In public, we have probably all come to expect some level of CCTV surveillance. For instance, you might expect to be recorded on CCTV when withdrawing cash at an ATM or inside a bank. You may also expect to be recorded on public transport or in airports where there may be counter-terrorism security monitoring. But what about everywhere else?
If you are installing CCTV at your home or business, you need to consider data protection and public rights. While you may have the right to use security surveillance, the public also has a right to privacy. When you’re processing CCTV footage – either at home or for your business – there are legal obligations you have to meet.
In 2014, a case known as the ‘Rynes’ case went to the European Court of Justice. During this case, it was determined that domestic CCTV operators would legally be considered data controllers under data protection legislation.
When installing a home security camera or doorbell camera, you would not be considered a data controller if you are only recording CCTV footage within your property’s boundary. However, if you are capturing images of people outside of your boundary, for instance, if the CCTV captures footage of your neighbour’s garden or public footpaths, you do need to ensure your use of CCTV complies with the Data Protection Act 2018 and GDPR.
What does this mean?
The Data Protection Act and GDPR are there to protect the privacy of others. For example, you could be invading your neighbours’ privacy by recording them working or sunbathing in their garden.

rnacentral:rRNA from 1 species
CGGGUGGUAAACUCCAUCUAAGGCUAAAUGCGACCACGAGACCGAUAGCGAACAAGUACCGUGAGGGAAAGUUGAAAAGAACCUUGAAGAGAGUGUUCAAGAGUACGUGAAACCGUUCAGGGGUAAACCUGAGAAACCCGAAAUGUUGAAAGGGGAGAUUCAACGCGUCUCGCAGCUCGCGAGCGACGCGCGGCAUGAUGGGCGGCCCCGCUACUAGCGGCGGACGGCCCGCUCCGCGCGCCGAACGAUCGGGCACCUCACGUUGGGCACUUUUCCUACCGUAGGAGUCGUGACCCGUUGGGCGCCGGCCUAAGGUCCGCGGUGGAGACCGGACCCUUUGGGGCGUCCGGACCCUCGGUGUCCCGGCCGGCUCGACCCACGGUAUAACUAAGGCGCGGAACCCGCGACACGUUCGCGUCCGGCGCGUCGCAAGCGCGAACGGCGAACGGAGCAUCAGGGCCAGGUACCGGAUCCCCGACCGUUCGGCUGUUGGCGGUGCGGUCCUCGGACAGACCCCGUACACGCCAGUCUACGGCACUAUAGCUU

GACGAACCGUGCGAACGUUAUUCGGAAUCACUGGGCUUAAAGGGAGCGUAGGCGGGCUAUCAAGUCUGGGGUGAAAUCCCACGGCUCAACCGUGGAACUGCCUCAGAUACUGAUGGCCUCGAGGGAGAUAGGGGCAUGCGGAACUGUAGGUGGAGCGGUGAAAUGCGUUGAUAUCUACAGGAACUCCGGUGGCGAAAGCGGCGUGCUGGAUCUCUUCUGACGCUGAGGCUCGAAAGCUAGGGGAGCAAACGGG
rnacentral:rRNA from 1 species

This does not mean you can’t record footage outside the boundary of your property. It just means that if you do, you must comply with the legal obligations of controlling that data.
Here’s what you have to do:
- Consider whether there are any alternatives to using CCTV outside the boundary of your property. If you’re using CCTV for home security, are there any other ways you could improve home security first that wouldn’t involve recording others? For example, motion lighting, alarm systems or better locks.
- Consider how you are storing the CCTV footage. You shouldn’t be keeping this footage for any longer than you need to. Delete footage regularly when you no longer need it.
- Make sure to keep your CCTV secure from anyone who does not need to watch it.
- Try to use security systems where you can enable privacy zones. These are areas of your footage you can redact by overlaying your digital footage with black squares to cover any areas that you do not need to record. For example, you could redact your neighbour’s garden.
- If you are using capturing footage outside of your boundary, you should display clear signage to indicate you are using CCTV and why you are using it.
- Familiarise yourself with subject access requests and the right to erasure. Identifiable images count as personal data, so as a processor of that data you must respond to subject access requests and any requests to delete the footage – provided you do not need it for any legal disputes.
The UK’s Information Commissioner’s Office says:
“If you are capturing images beyond your property boundary, you should have a clear and justifiable reason for doing so. In particular, you will need to think why you need these images. If asked by an individual or the ICO, you will need to be able to explain your reasons, so you should write them down now. You should also write down why you think capturing the images is more important than invading the privacy of your neighbours and passers-by”.
What about personal-use dash cams and helmet cams?
Earlier we mentioned the Rynes case. In this case, the European Court of Justice determined that domestic CCTV users would be considered data controllers. However, this only applies to fixed cameras on an individual’s home/property. In the UK, these devices do not have to follow the same rules.